HR audit

A healthy HR function in an organization is as the physical and mental well being of a human body. Typically the basic reason why organizations prefer to conduct an HR audit is to get a clear judgment about the overall status of the organization and also to find out whether certain systems put in place are yielding any results. HR audit also helps companies to figure out gaps or lapses and the reason for the same. Since every company plans certain systems and targets, an HR audit compares the plans to actual implementation.
The concept of HR audit has emerged from the practice of yearly finance and accounting audit, which is mandatory for every company, to be done by external statutory auditors.
This audit serves as an examination on a sample basis of practices and systems for identifying problems and ensuring that sound accounting principles are followed. Similarly, an HR audit serves as a means through which an organization can measures the health of its human resources functions.
Organizations undertake HR audits for many reasons:
1. To ensure effective utilization of human resources.
2. To review compliance with tons of laws and regulations.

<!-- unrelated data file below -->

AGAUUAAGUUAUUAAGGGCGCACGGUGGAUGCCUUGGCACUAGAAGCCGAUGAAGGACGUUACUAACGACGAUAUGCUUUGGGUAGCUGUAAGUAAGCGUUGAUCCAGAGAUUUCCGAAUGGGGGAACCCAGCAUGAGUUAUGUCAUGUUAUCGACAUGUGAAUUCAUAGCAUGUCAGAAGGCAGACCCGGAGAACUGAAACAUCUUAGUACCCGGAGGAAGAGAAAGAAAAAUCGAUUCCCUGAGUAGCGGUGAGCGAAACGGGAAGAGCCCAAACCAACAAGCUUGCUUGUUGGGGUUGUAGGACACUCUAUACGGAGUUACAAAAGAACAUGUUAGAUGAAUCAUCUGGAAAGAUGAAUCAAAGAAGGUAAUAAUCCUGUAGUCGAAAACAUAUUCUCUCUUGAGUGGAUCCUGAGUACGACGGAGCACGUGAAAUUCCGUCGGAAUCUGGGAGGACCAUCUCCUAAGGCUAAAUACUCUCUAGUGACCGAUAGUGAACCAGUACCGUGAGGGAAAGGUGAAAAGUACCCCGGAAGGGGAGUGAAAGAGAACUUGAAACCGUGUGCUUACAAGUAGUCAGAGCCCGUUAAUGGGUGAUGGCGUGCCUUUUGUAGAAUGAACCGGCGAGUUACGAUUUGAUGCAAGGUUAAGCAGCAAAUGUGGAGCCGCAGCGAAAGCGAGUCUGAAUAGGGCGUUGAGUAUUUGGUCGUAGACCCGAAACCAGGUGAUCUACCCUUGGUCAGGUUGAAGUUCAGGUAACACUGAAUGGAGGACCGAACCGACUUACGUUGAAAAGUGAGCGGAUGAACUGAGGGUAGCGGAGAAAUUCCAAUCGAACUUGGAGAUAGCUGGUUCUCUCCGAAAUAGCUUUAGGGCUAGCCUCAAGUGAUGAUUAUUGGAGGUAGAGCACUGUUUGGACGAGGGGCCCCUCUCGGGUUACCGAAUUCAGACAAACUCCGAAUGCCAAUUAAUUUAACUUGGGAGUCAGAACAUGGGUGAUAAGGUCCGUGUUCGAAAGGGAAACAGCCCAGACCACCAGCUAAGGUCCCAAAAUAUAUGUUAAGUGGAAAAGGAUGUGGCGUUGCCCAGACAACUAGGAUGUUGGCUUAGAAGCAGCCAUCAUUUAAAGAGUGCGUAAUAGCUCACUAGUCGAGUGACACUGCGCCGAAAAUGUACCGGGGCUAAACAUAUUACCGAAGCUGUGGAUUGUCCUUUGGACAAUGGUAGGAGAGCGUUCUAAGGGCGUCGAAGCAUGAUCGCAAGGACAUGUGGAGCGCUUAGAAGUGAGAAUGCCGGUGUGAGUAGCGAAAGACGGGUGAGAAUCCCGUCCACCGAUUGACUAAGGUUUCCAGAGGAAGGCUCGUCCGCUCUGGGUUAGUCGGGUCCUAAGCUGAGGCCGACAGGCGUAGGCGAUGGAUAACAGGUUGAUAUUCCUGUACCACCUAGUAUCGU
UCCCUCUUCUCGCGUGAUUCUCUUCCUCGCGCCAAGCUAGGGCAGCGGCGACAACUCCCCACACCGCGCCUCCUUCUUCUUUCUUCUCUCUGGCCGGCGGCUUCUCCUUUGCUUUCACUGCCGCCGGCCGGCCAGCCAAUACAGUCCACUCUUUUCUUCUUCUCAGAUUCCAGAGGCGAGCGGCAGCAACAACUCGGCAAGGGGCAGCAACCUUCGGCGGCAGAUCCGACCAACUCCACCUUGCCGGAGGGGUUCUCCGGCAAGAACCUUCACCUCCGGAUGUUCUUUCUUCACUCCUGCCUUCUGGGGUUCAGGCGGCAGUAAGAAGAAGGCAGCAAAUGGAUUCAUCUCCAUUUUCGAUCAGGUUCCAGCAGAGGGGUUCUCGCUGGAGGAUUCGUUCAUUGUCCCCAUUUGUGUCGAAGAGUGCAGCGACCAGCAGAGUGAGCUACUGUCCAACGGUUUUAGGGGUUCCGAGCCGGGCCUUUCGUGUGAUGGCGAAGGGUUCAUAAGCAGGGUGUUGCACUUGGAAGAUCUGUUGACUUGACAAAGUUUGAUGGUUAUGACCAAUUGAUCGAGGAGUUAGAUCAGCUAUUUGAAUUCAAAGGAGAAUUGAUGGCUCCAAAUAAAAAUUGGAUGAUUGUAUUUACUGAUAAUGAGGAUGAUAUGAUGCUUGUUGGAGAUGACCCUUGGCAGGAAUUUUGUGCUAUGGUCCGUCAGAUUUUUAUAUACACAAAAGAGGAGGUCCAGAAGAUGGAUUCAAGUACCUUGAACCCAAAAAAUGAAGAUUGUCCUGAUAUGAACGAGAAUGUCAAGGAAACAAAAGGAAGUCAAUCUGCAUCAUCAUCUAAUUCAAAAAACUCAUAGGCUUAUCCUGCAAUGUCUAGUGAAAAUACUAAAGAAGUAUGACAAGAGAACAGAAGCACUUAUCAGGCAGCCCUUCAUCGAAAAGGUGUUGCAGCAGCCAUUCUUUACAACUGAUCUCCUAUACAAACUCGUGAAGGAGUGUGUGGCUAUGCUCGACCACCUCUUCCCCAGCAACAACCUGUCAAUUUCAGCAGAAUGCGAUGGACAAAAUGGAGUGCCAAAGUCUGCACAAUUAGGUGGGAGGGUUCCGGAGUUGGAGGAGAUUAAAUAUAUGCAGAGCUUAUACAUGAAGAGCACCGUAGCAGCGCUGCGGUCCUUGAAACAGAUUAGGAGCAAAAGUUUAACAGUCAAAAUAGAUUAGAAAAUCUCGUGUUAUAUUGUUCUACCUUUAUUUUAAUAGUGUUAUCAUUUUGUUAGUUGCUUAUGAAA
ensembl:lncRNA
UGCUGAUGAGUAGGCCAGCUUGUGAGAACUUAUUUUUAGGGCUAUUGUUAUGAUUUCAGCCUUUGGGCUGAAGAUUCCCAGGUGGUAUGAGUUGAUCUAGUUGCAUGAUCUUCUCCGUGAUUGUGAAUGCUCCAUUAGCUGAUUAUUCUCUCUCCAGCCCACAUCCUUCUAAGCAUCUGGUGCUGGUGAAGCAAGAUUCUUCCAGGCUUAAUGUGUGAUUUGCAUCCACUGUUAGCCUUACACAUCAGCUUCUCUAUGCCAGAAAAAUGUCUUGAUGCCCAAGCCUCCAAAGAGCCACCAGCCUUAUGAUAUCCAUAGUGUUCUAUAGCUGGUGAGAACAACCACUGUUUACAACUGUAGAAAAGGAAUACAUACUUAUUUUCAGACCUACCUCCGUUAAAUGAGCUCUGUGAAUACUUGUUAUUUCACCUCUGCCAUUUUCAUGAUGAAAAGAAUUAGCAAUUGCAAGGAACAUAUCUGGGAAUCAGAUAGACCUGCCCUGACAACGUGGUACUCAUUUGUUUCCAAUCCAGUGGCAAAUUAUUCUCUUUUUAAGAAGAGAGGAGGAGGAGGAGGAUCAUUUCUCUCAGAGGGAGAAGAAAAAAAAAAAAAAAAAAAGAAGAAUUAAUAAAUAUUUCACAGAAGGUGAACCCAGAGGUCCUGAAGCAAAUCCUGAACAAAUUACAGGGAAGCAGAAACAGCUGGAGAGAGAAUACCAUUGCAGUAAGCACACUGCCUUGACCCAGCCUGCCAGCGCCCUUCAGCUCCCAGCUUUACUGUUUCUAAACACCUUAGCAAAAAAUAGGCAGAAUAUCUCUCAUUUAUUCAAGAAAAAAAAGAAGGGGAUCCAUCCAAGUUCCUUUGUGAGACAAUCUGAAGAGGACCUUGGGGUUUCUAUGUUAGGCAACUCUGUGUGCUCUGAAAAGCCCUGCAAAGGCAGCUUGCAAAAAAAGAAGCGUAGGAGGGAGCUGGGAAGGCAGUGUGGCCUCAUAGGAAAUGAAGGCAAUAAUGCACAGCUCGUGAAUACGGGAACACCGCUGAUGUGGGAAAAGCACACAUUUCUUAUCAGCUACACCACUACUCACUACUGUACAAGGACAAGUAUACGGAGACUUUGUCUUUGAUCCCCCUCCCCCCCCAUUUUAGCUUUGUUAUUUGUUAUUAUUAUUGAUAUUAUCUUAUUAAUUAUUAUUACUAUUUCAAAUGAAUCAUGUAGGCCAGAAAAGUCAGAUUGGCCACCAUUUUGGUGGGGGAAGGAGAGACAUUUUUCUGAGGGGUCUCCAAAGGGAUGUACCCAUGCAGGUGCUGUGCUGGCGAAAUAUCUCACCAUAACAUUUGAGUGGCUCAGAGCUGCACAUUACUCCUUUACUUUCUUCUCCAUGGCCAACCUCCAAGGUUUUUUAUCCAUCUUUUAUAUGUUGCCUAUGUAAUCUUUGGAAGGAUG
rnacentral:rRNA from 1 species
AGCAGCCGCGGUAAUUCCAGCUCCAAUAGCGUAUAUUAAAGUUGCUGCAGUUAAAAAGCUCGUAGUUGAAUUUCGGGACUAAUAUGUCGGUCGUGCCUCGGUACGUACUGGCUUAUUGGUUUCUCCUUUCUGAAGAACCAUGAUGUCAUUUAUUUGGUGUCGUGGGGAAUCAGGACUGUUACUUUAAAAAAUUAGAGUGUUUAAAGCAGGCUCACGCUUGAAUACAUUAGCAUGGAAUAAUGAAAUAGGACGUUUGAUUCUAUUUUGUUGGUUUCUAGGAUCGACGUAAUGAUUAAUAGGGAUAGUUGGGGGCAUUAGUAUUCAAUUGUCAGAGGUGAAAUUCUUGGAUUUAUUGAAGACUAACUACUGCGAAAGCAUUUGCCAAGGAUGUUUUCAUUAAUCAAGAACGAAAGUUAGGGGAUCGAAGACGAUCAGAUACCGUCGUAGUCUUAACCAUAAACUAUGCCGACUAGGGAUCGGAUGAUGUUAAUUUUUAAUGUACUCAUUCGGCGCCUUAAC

3. To instill a sense of confidence in the human resources department that it is well managed and prepared to meet potential challenges and opportunities.
4. To maintain or enhance the organization’s reputation in a community.
An audit is a systematic process, which examines the important aspects of the function and its management, and is a means to identify strengths, weakness and areas where rectification may be warranted. An audit is done on sampling basis. And in sampling, not every instance or situation can be examined.
An HR audit can be used by an organization for multiple purposes. Some of the more common reasons are:
• To identify and address HR-related problems.
• To seek out HR-related opportunities.
• To conduct due diligence for mergers and acquisitions.
• To support initial public offerings.
How an audit is conducted is very often determined by it’s intended use. For instance the type of audit used to ascertain HR practices may be significantly different from the type of audit used to support an initial public offering. Although the areas examined may be similar, the process used and the depth of inquiry will vary from the intended outcome.
The audit process: HR audit process is conducted in different phases. Each phase is designed to build upon the preceding phase so that the organization will have a very strong overview of the HR function, at the conclusion of the audit. These phases include:

Pre-Audit information: This phase involves the acquiring and review of relevant HR manuals, handbooks, forms, reports and other information. Auditors forward a pre-audit information request to the client who compiles the necessary information for review.

Pre-Audit Self-Assessment: In order to maximize the time spent during subsequent portions of the audit, a pre-audit self- assessment form, if sent to the client can be of use.


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